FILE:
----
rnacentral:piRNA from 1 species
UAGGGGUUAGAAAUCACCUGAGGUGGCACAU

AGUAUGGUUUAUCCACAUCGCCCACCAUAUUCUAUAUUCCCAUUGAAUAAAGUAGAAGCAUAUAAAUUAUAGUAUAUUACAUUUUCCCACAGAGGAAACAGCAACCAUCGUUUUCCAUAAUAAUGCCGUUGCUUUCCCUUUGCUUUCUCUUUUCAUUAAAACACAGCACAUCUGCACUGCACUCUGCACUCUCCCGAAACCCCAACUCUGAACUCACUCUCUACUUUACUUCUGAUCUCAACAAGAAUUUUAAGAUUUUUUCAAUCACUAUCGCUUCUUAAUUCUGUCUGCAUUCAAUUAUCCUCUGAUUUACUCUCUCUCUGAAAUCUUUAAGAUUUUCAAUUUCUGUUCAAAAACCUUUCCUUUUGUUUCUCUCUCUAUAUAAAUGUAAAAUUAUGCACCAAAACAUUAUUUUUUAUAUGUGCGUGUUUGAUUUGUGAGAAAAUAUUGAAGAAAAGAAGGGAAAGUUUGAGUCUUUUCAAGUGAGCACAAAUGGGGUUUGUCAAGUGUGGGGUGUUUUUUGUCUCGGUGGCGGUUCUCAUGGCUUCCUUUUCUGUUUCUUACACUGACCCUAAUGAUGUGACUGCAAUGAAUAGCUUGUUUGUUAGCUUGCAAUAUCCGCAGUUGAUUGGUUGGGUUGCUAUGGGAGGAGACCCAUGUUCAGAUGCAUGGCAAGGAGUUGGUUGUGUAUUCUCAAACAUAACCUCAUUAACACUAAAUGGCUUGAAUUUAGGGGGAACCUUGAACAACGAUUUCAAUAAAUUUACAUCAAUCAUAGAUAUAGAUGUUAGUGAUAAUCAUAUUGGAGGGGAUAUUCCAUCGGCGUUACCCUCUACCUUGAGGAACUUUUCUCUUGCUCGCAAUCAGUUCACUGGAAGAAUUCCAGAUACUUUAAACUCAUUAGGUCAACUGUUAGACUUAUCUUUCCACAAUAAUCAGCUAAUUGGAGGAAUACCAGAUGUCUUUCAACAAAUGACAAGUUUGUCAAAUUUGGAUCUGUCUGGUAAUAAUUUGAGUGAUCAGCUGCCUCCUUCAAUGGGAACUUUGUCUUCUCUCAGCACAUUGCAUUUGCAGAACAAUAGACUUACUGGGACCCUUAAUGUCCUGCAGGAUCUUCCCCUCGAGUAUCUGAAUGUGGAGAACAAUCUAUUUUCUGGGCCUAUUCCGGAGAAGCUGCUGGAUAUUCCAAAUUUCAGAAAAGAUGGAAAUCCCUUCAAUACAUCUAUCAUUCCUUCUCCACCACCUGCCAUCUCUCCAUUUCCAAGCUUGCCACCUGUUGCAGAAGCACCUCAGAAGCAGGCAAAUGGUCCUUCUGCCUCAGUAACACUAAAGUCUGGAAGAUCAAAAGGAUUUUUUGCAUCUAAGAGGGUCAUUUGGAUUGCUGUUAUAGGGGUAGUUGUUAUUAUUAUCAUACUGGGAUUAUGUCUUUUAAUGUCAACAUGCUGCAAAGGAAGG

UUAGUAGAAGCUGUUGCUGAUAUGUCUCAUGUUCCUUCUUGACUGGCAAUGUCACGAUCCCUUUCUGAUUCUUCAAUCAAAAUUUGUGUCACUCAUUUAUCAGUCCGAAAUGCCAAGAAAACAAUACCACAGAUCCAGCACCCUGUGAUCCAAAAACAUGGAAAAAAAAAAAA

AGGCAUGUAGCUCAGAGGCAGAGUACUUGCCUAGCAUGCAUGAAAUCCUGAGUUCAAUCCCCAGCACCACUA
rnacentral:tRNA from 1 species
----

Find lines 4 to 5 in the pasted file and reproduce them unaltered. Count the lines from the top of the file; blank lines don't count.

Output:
UUAGUAGAAGCUGUUGCUGAUAUGUCUCAUGUUCCUUCUUGACUGGCAAUGUCACGAUCCCUUUCUGAUUCUUCAAUCAAAAUUUGUGUCACUCAUUUAUCAGUCCGAAAUGCCAAGAAAACAAUACCACAGAUCCAGCACCCUGUGAUCCAAAAACAUGGAAAAAAAAAAAA

AGGCAUGUAGCUCAGAGGCAGAGUACUUGCCUAGCAUGCAUGAAAUCCUGAGUUCAAUCCCCAGCACCACUA